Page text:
Visiting Researcher Report: Catherine Spencer
Wednesday, 10 July 2019
Dr Catherine Spencer spent a month at the Institute investigating how artists used abstraction to navigate the complex, shifting politics of the 1970s and 1980s in Britain and the development of feminist and decolonial perspectives.
In February 2019 Dr Catherine Spencer visited the Research Library to conduct preliminary secondary reading and research, as well as primary archival study, for a new project entitled Green Unpleasant Land: Art, Abstraction and the Politics of Location.
Green Unpleasant Land: Art, Abstraction and the Politics of Location, which ultimately will result in a book-length study, investigates how artists working across a range of media including sculpture, photography, painting, performance and installation used abstraction to navigate the complex, shifting politics of the 1970s and 1980s in Britain, from industrial disputes, through to the conflict in Northern Ireland, and the development of feminist and decolonial perspectives.
The project seeks to address how abstraction, rather than being detached from contemporary socio-cultural concerns, provided a powerful way for artists including Rasheed Araeen (b. 1935), Prunella Clough (1919-99), Rita Donagh (b. 1939), Franki Raffles (1955-94) and Veronica Ryan (b. 1956) to grapple with issues of displacement, embodiment, atomisation, mediation and deindustrialisation.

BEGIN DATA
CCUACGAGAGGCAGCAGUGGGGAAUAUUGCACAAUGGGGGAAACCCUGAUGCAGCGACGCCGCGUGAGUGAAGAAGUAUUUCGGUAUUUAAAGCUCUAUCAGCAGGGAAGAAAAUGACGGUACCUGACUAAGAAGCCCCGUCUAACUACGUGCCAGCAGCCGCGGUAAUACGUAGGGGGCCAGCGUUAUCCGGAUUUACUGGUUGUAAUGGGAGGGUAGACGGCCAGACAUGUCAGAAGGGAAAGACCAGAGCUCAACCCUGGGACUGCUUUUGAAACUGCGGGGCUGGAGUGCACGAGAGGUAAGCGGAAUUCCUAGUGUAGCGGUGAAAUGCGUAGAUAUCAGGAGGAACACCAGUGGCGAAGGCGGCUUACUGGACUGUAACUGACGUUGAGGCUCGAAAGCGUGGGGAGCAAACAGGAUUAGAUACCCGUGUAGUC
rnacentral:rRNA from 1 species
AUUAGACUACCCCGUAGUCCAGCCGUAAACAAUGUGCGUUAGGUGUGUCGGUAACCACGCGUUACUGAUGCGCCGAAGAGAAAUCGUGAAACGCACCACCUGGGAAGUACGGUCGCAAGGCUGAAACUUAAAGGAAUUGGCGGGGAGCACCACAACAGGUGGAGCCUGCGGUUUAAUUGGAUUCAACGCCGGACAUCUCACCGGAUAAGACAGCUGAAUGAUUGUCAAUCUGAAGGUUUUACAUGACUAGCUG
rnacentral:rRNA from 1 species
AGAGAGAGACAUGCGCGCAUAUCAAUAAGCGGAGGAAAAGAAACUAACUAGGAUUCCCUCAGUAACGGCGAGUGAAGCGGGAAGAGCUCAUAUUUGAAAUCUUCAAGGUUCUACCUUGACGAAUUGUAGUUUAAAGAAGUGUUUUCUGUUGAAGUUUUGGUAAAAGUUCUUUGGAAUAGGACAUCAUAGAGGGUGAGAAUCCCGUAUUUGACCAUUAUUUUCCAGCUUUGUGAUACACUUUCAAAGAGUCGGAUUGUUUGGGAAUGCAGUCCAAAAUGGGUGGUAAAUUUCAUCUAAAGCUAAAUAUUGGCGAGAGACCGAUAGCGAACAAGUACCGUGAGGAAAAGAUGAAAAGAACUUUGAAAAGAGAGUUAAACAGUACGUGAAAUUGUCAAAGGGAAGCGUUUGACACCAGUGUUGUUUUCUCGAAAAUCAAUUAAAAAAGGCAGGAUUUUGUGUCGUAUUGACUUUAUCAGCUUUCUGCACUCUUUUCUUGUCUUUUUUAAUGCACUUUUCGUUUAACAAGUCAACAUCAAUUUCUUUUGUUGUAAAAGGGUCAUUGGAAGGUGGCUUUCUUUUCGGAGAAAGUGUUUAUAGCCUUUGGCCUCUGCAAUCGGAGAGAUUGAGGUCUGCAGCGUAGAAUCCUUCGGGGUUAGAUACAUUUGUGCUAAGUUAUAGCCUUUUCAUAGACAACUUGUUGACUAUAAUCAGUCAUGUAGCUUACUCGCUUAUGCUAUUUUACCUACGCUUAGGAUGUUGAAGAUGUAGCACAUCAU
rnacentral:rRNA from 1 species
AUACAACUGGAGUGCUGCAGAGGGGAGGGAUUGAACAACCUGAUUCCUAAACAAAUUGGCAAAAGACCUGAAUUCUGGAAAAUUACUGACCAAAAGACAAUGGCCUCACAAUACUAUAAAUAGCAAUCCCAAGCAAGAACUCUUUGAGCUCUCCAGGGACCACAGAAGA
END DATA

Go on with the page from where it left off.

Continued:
Although this is a new project, it grows in part out of a longstanding interest in the paintings of Prunella Clough, which responded to factories, power stations and industrial sites. The Henry Moore Institute’s Archive of Sculptors’ Papers holds the notebooks and sketchbooks of the artist Ghisha Koenig (1921-93), whose sculptural practice was also concerned with the representation of labour, and with whom Clough made a number of site visits. During my Fellowship I was able to study her sketchbooks and conduct further research into her work through the Institute Research Library’s collection of pamphlets, catalogues and artists’ ephemera, which includes extensive press cuttings documenting her career. This provided a fascinating insight into concerns that she shared with Clough, and will be interwoven into a planned chapter on their work.
I also looked at the papers of Garth Evans (b. 1934), particularly in relation to his involvement in the Artist Placement Group, for which he conducted a placement at the British Steel Corporation, which I plan to feed into my consideration of artistic reactions to deindustrialisation. I spent the rest of my time at the Institute researching Araeen and Ryan in particular, as well as the wider artistic and cultural context of the 1970s and 80s, and was able to hear Ryan talk about her practice at Leeds Art Gallery during my Fellowship, which was extremely helpful, as well as seeing her in conversation on the Institute’s Senga Nengudi exhibition.
My time in Leeds provided a fantastic start to the project for which I am very grateful, and I look forward to following up ideas and references gathered as I research further.
Dr Catherine Spencer (School of Art History, University of St Andrews)